Canada and Quebec will launch universal insurance coverage for those with mental illness on July 1, 2016, the provinces announced Tuesday.
The move comes amid mounting evidence that the Canadian and Quebec economies are vulnerable to the fallout from the opioid crisis, and that the country’s mental health system is not up to the task of dealing with the rising numbers of cases.
The provincial and territorial governments will share a single plan for universal coverage, and the provinces have agreed to share their information to help people make informed choices about their options, said Health Minister Rona Ambrose.
People who qualify will have coverage that is comparable to the coverage that they already receive in their home province, and will be guaranteed access to care in the same facilities that they have access to now, she said in a news release.
The plan will be available to anyone who qualifies and will include health insurance that will cover most medical expenses, including hospitalizations, prescriptions and mental health care.
It also includes coverage for mental health-related services such as prescription drug coverage, prescription drugs, and prescription drugs and equipment, the release said.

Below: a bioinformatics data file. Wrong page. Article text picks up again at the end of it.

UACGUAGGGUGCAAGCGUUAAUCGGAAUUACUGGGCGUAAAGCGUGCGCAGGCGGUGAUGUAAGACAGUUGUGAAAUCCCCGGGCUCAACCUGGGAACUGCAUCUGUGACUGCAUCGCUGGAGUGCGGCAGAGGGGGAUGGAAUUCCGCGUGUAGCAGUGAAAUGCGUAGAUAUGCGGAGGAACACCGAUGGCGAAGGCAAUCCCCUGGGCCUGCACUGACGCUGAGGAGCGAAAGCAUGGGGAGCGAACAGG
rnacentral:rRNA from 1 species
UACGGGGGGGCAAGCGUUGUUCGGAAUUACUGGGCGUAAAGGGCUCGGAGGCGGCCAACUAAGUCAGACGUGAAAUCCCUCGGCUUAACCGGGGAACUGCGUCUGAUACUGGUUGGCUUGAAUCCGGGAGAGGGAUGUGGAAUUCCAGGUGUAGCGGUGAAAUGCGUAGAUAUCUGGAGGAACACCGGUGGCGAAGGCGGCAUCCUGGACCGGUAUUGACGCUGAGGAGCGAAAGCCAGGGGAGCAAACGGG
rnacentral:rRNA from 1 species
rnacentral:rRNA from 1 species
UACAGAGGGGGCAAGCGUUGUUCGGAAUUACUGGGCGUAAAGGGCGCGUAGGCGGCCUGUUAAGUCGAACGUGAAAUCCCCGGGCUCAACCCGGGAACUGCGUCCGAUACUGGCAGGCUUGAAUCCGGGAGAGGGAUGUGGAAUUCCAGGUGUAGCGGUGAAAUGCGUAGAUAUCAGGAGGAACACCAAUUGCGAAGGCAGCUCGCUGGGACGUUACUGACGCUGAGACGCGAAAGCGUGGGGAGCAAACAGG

For people who cannot afford to pay premiums, the provincial plans will be paid for out of pocket through payroll taxes, said the release.
In Quebec, the new plan is similar to the one that was introduced in July and has been widely embraced by the public.
People will be able to get coverage from the same pool of health insurance as those in Ontario and Manitoba.
The provinces will work with private insurers to determine the coverage rates for each region, Ambrose said.
It is important to note that while the province of Quebec will be responsible for covering those with health problems, Quebec will not be responsible if someone chooses to go elsewhere to get help, said Quebec Health Minister Gaetan Barrette.
There is a lot of uncertainty about how we will proceed in Quebec, and we are committed to doing the best we can for Quebecers, he said.
The announcement came as Trudeau announced the creation of a national mental health commission to study the long-term implications of the opioid epidemic.
The commission will also report in early 2021.
The Trudeau government announced a $15-billion health budget for 2020-21, with $5.6 billion for mental-health programs, $2.6bn for opioid and substance abuse treatment, and $500 million for drug prevention and research.
It will also make $1 billion available to provinces for health-care spending.
The new plan will not apply to people who are already covered by their provincial health plan, but it will allow for coverage of those who are currently not covered, according to the release from the governments.
The government also announced that the provinces would begin sharing their data on insurance rates with the federal government.
It will also use that data to help the provinces and territories understand how to best plan their care, and to inform and empower them, it said.